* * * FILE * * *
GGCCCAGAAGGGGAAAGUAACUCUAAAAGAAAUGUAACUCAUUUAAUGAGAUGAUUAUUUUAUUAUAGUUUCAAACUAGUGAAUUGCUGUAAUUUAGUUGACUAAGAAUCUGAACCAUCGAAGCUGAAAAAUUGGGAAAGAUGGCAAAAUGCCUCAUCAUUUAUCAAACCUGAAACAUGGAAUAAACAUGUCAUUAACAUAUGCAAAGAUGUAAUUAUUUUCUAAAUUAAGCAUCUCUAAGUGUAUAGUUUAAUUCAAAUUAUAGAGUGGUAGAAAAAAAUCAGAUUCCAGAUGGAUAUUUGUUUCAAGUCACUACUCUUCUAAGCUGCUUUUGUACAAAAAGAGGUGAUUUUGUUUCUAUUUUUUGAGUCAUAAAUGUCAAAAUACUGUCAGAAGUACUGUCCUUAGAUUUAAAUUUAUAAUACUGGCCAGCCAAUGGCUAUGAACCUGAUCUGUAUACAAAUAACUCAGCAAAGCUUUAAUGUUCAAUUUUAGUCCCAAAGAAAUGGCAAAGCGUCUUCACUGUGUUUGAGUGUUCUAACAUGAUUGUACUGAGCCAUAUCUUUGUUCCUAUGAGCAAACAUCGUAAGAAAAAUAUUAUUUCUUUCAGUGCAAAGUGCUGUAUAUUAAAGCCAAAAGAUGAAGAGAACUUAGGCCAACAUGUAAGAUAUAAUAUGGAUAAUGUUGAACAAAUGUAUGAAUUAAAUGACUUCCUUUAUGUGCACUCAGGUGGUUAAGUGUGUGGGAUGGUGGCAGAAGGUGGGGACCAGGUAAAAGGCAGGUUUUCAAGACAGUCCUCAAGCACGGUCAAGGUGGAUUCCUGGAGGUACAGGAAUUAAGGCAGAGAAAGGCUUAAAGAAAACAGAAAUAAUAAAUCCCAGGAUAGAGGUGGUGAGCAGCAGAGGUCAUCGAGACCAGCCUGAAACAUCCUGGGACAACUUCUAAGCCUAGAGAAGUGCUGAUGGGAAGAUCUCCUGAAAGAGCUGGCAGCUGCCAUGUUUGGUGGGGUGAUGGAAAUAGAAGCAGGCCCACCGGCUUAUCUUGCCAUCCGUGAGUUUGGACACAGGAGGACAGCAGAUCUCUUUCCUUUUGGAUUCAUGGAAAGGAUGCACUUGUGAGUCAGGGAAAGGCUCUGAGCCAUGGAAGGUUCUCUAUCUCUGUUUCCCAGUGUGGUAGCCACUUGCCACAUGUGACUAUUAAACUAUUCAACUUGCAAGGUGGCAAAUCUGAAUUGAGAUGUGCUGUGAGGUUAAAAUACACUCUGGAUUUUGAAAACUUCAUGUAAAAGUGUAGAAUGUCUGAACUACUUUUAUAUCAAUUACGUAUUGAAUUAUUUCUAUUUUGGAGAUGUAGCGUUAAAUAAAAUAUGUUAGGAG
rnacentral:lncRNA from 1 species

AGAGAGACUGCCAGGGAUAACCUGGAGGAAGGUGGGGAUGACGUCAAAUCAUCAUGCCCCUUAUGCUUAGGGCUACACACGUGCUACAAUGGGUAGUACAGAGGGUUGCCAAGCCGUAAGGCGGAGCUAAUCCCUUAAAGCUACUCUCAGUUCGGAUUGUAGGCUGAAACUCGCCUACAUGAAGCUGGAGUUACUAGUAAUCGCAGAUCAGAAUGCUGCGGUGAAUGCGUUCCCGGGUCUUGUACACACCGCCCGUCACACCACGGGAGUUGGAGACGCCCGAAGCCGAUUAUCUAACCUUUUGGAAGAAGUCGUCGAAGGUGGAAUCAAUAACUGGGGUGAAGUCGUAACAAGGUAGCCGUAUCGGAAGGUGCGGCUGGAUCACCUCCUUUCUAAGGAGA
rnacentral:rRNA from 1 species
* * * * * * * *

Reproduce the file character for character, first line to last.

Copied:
GGCCCAGAAGGGGAAAGUAACUCUAAAAGAAAUGUAACUCAUUUAAUGAGAUGAUUAUUUUAUUAUAGUUUCAAACUAGUGAAUUGCUGUAAUUUAGUUGACUAAGAAUCUGAACCAUCGAAGCUGAAAAAUUGGGAAAGAUGGCAAAAUGCCUCAUCAUUUAUCAAACCUGAAACAUGGAAUAAACAUGUCAUUAACAUAUGCAAAGAUGUAAUUAUUUUCUAAAUUAAGCAUCUCUAAGUGUAUAGUUUAAUUCAAAUUAUAGAGUGGUAGAAAAAAAUCAGAUUCCAGAUGGAUAUUUGUUUCAAGUCACUACUCUUCUAAGCUGCUUUUGUACAAAAAGAGGUGAUUUUGUUUCUAUUUUUUGAGUCAUAAAUGUCAAAAUACUGUCAGAAGUACUGUCCUUAGAUUUAAAUUUAUAAUACUGGCCAGCCAAUGGCUAUGAACCUGAUCUGUAUACAAAUAACUCAGCAAAGCUUUAAUGUUCAAUUUUAGUCCCAAAGAAAUGGCAAAGCGUCUUCACUGUGUUUGAGUGUUCUAACAUGAUUGUACUGAGCCAUAUCUUUGUUCCUAUGAGCAAACAUCGUAAGAAAAAUAUUAUUUCUUUCAGUGCAAAGUGCUGUAUAUUAAAGCCAAAAGAUGAAGAGAACUUAGGCCAACAUGUAAGAUAUAAUAUGGAUAAUGUUGAACAAAUGUAUGAAUUAAAUGACUUCCUUUAUGUGCACUCAGGUGGUUAAGUGUGUGGGAUGGUGGCAGAAGGUGGGGACCAGGUAAAAGGCAGGUUUUCAAGACAGUCCUCAAGCACGGUCAAGGUGGAUUCCUGGAGGUACAGGAAUUAAGGCAGAGAAAGGCUUAAAGAAAACAGAAAUAAUAAAUCCCAGGAUAGAGGUGGUGAGCAGCAGAGGUCAUCGAGACCAGCCUGAAACAUCCUGGGACAACUUCUAAGCCUAGAGAAGUGCUGAUGGGAAGAUCUCCUGAAAGAGCUGGCAGCUGCCAUGUUUGGUGGGGUGAUGGAAAUAGAAGCAGGCCCACCGGCUUAUCUUGCCAUCCGUGAGUUUGGACACAGGAGGACAGCAGAUCUCUUUCCUUUUGGAUUCAUGGAAAGGAUGCACUUGUGAGUCAGGGAAAGGCUCUGAGCCAUGGAAGGUUCUCUAUCUCUGUUUCCCAGUGUGGUAGCCACUUGCCACAUGUGACUAUUAAACUAUUCAACUUGCAAGGUGGCAAAUCUGAAUUGAGAUGUGCUGUGAGGUUAAAAUACACUCUGGAUUUUGAAAACUUCAUGUAAAAGUGUAGAAUGUCUGAACUACUUUUAUAUCAAUUACGUAUUGAAUUAUUUCUAUUUUGGAGAUGUAGCGUUAAAUAAAAUAUGUUAGGAG
rnacentral:lncRNA from 1 species

AGAGAGACUGCCAGGGAUAACCUGGAGGAAGGUGGGGAUGACGUCAAAUCAUCAUGCCCCUUAUGCUUAGGGCUACACACGUGCUACAAUGGGUAGUACAGAGGGUUGCCAAGCCGUAAGGCGGAGCUAAUCCCUUAAAGCUACUCUCAGUUCGGAUUGUAGGCUGAAACUCGCCUACAUGAAGCUGGAGUUACUAGUAAUCGCAGAUCAGAAUGCUGCGGUGAAUGCGUUCCCGGGUCUUGUACACACCGCCCGUCACACCACGGGAGUUGGAGACGCCCGAAGCCGAUUAUCUAACCUUUUGGAAGAAGUCGUCGAAGGUGGAAUCAAUAACUGGGGUGAAGUCGUAACAAGGUAGCCGUAUCGGAAGGUGCGGCUGGAUCACCUCCUUUCUAAGGAGA
rnacentral:rRNA from 1 species